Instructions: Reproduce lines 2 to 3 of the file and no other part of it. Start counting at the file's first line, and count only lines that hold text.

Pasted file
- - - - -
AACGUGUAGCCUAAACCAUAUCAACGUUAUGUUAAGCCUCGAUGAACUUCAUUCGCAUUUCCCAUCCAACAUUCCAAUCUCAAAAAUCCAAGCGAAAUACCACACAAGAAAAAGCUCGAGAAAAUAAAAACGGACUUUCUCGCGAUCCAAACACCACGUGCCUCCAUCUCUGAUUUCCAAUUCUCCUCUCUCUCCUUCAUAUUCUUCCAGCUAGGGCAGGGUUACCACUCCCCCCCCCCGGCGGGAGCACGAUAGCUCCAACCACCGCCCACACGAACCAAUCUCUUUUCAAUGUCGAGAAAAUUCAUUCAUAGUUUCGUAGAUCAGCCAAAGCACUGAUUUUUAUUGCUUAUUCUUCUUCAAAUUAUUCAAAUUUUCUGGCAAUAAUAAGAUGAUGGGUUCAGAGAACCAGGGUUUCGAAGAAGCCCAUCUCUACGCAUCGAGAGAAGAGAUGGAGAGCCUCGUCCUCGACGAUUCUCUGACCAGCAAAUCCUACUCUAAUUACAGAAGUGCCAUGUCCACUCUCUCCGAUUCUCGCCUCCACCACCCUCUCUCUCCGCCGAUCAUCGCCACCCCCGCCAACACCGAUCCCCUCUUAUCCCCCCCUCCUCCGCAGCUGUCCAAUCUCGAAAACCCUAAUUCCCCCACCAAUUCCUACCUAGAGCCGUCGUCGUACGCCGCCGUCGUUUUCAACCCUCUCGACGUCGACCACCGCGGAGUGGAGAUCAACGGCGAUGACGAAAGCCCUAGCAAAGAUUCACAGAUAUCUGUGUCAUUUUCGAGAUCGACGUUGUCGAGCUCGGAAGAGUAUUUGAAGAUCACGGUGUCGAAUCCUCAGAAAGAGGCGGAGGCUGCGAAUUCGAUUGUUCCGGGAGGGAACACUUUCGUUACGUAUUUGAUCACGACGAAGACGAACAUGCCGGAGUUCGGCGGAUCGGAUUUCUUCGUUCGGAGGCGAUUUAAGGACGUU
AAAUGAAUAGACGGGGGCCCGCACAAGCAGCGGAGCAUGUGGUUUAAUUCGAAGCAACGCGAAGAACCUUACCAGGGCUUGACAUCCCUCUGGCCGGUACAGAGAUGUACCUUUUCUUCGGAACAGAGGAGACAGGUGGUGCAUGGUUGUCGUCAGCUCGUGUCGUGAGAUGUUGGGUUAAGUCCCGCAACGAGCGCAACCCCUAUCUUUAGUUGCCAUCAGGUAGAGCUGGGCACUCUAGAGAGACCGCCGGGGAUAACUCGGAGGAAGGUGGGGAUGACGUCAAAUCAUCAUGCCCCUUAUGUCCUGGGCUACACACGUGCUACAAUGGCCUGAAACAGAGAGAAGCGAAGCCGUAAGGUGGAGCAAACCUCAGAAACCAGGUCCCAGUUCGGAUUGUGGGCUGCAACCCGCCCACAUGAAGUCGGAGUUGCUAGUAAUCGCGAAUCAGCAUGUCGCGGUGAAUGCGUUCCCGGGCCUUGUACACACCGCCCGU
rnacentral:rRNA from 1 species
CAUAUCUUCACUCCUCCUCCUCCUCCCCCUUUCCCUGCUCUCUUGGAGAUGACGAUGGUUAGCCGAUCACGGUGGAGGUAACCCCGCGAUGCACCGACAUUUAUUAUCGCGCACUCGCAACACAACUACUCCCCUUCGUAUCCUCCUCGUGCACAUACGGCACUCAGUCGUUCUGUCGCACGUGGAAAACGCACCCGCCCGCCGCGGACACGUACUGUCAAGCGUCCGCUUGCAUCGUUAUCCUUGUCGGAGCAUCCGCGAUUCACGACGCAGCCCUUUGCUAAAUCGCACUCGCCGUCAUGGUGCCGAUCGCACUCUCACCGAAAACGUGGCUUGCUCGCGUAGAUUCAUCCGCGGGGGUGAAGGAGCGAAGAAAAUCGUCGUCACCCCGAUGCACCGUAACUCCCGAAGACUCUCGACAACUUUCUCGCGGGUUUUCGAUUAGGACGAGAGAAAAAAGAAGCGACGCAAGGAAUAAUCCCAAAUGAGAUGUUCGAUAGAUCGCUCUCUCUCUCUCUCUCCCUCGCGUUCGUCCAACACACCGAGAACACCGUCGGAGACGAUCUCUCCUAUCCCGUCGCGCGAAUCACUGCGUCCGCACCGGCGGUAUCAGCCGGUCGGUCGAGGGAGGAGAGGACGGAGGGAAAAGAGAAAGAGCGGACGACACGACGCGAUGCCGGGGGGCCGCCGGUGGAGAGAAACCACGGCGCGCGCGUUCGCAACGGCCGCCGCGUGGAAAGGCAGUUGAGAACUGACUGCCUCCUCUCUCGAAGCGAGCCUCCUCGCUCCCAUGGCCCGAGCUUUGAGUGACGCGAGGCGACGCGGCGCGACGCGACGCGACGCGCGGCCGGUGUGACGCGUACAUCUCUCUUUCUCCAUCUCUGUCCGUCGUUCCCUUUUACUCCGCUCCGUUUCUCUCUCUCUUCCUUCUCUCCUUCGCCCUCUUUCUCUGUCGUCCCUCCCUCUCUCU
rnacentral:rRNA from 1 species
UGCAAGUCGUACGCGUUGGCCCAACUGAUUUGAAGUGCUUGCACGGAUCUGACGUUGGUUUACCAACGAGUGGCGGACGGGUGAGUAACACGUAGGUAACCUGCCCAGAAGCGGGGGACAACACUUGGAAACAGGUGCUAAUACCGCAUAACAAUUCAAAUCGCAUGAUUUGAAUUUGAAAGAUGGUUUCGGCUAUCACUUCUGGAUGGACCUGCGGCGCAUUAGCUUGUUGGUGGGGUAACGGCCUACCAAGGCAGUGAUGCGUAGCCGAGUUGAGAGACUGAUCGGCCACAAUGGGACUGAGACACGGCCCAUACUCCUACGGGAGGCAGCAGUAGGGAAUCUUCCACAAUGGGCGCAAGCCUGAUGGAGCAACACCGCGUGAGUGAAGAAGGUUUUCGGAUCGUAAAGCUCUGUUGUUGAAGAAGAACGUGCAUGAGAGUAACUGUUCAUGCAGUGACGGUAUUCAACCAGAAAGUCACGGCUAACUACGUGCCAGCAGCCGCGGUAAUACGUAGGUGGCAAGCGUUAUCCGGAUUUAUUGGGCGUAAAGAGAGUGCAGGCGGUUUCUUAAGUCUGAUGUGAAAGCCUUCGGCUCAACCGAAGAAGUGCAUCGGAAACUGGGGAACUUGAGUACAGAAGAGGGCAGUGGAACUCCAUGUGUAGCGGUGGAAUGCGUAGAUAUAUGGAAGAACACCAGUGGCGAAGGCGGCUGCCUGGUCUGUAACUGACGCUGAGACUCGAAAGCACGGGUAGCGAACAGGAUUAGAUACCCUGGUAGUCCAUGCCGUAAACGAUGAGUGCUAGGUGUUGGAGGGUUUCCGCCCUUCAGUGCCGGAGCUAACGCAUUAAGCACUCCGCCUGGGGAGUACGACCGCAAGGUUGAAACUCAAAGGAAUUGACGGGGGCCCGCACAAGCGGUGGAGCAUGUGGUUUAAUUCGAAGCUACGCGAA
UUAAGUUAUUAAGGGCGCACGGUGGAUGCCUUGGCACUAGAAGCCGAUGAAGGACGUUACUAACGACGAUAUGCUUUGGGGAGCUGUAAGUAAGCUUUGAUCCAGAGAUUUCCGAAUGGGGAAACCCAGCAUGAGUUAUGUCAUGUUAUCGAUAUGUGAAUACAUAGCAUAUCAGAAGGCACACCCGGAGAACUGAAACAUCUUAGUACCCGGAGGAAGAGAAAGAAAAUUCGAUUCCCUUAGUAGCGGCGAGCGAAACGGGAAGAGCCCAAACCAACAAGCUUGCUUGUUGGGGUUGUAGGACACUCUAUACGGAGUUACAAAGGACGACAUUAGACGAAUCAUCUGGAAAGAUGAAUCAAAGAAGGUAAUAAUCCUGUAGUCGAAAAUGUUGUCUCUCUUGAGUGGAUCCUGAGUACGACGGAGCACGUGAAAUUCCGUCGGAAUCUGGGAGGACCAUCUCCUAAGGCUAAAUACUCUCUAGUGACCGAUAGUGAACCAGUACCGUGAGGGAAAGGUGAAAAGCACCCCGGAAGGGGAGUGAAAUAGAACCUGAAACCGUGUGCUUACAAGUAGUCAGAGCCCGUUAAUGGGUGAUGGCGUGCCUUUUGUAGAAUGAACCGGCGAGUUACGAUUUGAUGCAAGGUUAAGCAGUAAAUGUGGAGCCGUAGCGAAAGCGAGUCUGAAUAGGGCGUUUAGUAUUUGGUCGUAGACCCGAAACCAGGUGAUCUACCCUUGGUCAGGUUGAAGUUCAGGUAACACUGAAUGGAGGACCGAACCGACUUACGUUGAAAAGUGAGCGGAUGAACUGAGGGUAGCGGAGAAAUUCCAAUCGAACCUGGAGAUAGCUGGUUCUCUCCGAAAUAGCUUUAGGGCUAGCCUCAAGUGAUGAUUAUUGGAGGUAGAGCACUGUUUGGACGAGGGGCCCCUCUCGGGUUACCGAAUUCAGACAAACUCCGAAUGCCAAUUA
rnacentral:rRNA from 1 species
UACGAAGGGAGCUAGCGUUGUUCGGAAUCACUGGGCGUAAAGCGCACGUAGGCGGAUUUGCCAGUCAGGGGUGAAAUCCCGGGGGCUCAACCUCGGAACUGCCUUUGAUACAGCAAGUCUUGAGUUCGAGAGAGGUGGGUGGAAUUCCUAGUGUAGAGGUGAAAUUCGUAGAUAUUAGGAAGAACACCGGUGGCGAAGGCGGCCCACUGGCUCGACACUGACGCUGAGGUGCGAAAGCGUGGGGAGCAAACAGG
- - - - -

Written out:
AAAUGAAUAGACGGGGGCCCGCACAAGCAGCGGAGCAUGUGGUUUAAUUCGAAGCAACGCGAAGAACCUUACCAGGGCUUGACAUCCCUCUGGCCGGUACAGAGAUGUACCUUUUCUUCGGAACAGAGGAGACAGGUGGUGCAUGGUUGUCGUCAGCUCGUGUCGUGAGAUGUUGGGUUAAGUCCCGCAACGAGCGCAACCCCUAUCUUUAGUUGCCAUCAGGUAGAGCUGGGCACUCUAGAGAGACCGCCGGGGAUAACUCGGAGGAAGGUGGGGAUGACGUCAAAUCAUCAUGCCCCUUAUGUCCUGGGCUACACACGUGCUACAAUGGCCUGAAACAGAGAGAAGCGAAGCCGUAAGGUGGAGCAAACCUCAGAAACCAGGUCCCAGUUCGGAUUGUGGGCUGCAACCCGCCCACAUGAAGUCGGAGUUGCUAGUAAUCGCGAAUCAGCAUGUCGCGGUGAAUGCGUUCCCGGGCCUUGUACACACCGCCCGU
rnacentral:rRNA from 1 species